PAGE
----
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Family members celebrate as they embrace a relative, one of the released kidnapped schoolgirls, in Abuja, Nigeria, Saturday, May 20, 2017. The 82 Nigerian schoolgirls recently released after more than three years in Boko Haram captivity reunited with their families for the first time Saturday, as anxious parents looked for signs of how deeply the extremists had changed their daughters' lives.
Olamikan Gbemiga/AP
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UN Condemns Boko Haram’s Killing of 110 Nigerians as 2020's 'Most Violent' Direct Attack on Civilians


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The United Nations (UN) has condemned the killing of 110 farmers in Borno State, Northeast Nigeria, by suspected Boko Haram militants over the weekend. 

“It is the most violent direct attack against innocent civilians this year,” Edward Kallon, UN Resident and Humanitarian Coordinator in Nigeria, said in a statement.

The figure of deaths reported is now nearly triple the original 43 deaths reported after the attack took place. On Sunday, Borno State governor Babagana Zulum had admitted more bodies were yet to be recovered from the village where the terrorists attacked rice farmers.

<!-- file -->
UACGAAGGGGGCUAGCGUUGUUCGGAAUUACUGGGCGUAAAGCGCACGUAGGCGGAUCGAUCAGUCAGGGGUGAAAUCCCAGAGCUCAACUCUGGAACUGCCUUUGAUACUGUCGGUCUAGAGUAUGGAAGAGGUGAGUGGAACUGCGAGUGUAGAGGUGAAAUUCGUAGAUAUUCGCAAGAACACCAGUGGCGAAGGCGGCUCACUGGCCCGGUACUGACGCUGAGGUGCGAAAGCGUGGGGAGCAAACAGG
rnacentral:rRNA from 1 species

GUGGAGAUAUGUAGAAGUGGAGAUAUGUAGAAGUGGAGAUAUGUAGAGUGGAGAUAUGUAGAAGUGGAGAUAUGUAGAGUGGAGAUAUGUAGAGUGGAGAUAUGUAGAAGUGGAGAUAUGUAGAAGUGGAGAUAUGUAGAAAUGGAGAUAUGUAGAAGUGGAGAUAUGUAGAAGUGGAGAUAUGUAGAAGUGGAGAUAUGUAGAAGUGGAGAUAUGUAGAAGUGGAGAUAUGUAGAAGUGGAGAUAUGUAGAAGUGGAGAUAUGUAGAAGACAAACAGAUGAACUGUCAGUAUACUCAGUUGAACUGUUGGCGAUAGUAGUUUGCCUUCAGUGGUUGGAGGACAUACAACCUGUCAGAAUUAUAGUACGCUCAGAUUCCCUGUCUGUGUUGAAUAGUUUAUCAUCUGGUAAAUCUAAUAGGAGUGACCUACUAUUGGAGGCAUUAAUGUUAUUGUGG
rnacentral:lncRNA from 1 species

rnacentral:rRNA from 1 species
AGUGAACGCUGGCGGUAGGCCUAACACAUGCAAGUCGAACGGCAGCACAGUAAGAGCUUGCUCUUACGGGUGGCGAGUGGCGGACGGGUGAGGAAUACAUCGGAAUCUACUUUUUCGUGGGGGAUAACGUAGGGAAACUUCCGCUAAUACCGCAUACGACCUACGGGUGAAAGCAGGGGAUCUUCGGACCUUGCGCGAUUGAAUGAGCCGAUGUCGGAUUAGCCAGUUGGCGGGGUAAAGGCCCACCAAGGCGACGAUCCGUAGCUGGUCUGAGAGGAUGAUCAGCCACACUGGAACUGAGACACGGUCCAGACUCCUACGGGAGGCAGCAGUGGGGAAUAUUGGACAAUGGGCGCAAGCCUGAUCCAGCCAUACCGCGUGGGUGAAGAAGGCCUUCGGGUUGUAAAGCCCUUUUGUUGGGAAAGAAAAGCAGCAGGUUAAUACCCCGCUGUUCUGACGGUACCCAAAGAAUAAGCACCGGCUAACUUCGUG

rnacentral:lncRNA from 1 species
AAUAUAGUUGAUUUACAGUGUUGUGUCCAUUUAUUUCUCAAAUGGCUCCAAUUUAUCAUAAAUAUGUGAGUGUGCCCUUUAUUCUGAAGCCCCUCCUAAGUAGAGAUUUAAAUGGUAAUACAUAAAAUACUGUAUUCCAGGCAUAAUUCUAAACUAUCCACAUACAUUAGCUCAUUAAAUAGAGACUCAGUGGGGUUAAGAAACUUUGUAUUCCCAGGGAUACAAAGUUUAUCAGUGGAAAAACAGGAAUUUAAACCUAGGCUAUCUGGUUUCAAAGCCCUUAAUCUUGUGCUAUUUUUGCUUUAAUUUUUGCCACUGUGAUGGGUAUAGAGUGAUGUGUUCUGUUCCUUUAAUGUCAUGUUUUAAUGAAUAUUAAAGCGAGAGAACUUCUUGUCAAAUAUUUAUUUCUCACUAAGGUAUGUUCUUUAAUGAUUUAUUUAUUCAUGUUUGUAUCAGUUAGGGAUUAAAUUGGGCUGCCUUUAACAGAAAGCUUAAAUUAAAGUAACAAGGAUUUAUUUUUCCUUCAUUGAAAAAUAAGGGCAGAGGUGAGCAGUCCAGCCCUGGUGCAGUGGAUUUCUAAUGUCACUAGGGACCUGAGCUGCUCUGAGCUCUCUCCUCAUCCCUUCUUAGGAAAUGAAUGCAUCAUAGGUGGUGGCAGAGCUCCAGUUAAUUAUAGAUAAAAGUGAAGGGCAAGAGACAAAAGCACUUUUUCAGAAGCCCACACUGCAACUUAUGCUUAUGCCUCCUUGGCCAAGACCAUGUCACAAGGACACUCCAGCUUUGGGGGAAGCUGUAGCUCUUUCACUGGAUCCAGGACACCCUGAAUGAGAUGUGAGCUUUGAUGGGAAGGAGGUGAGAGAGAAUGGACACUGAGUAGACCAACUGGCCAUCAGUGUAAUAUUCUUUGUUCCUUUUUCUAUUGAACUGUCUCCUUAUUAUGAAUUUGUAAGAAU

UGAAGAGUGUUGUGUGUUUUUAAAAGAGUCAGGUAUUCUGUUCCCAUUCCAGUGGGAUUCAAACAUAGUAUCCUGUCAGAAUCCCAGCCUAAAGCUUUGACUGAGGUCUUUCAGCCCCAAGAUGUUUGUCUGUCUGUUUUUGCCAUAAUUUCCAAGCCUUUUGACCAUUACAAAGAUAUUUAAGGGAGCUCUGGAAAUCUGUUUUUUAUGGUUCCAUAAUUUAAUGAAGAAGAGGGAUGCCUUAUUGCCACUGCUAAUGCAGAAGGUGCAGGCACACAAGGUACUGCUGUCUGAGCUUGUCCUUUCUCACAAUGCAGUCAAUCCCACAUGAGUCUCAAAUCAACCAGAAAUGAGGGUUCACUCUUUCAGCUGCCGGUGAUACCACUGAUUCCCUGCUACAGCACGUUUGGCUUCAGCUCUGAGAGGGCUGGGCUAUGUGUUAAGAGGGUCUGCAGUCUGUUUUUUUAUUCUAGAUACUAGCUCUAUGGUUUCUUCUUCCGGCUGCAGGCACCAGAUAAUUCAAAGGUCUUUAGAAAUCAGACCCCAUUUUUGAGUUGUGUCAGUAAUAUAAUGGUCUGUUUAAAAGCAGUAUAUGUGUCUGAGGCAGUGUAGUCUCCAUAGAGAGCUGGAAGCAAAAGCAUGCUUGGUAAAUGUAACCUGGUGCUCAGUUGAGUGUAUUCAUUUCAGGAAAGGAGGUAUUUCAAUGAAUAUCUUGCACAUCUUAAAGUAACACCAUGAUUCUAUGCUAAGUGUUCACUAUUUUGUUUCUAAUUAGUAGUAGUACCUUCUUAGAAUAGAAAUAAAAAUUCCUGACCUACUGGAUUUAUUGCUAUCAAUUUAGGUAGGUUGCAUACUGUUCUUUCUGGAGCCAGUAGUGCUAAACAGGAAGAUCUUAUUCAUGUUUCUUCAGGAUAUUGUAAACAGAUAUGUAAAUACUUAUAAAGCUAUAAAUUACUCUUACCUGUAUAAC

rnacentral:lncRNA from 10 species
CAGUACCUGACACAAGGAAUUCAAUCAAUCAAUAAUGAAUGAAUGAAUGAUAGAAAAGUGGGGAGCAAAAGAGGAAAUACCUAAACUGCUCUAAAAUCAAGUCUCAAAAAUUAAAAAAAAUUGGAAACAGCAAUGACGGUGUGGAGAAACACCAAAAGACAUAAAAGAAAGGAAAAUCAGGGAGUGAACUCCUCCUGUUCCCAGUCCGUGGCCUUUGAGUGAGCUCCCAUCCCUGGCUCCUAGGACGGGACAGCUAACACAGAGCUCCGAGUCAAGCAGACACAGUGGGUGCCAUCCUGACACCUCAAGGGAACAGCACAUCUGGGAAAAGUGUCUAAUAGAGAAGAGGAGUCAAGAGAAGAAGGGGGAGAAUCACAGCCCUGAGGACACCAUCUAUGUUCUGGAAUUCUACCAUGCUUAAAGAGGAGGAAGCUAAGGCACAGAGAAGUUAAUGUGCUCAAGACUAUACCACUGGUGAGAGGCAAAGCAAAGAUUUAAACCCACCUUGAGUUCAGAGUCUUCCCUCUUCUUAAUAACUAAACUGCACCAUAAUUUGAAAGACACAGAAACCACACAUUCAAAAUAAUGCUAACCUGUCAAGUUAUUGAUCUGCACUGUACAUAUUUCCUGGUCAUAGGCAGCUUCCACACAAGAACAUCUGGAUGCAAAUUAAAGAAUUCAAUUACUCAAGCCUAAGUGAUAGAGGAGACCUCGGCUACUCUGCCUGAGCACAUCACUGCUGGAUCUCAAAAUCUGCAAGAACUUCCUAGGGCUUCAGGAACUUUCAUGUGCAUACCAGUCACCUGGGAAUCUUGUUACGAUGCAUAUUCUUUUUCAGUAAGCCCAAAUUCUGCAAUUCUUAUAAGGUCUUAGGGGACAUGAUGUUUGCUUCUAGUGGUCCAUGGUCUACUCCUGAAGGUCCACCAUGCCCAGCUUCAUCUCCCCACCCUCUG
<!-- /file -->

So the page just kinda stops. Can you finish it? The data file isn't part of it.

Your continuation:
“It is unfortunately one of too many such attacks targeting farmers, fishermen, and families who are trying to recover some livelihood opportunity after over a decade of conflict,” said Kallon.

The incident has drawn much condemnation from Nigerians with the hashtag #SackTheServiceChiefs trending at one point. Meanwhile various conflicting statements have been issued by government officials with President Muhammadu Buhari describing the attack as “insane”.

In a statement released through his spokesperson, UN Secretary-General António Guterres called for “the immediate and safe return of the abductees and those still reported missing.”

The statement added: “The Secretary-General reaffirms the commitment of the United Nations to support the government of Nigeria in its fight against terrorism and violent extremism, and in its response to pressing humanitarian needs in the north-east of the country.” 

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The Boko Haram insurgency has ravaged the northeast of Nigeria for the better part of the last 10 years, with various Nigerian administrations promising an end to the militant organisation’s activities, but those promises have not yet been fulfilled.

The result is a humanitarian crisis that has claimed the lives of thousands of people and displaced millions from their homes. The violence, coupled with climate shocks, has also aggravated food security, leaving an estimated 10 million people in need of humanitarian assistance and protection, according to the UN.

“Such direct attacks against innocent civilians jeopardise the ability for the most vulnerable people to survive the adversity they are facing, and which we are striving to alleviate,” said Kallon, calling on all actors on the ground to “respect international laws and humanity”.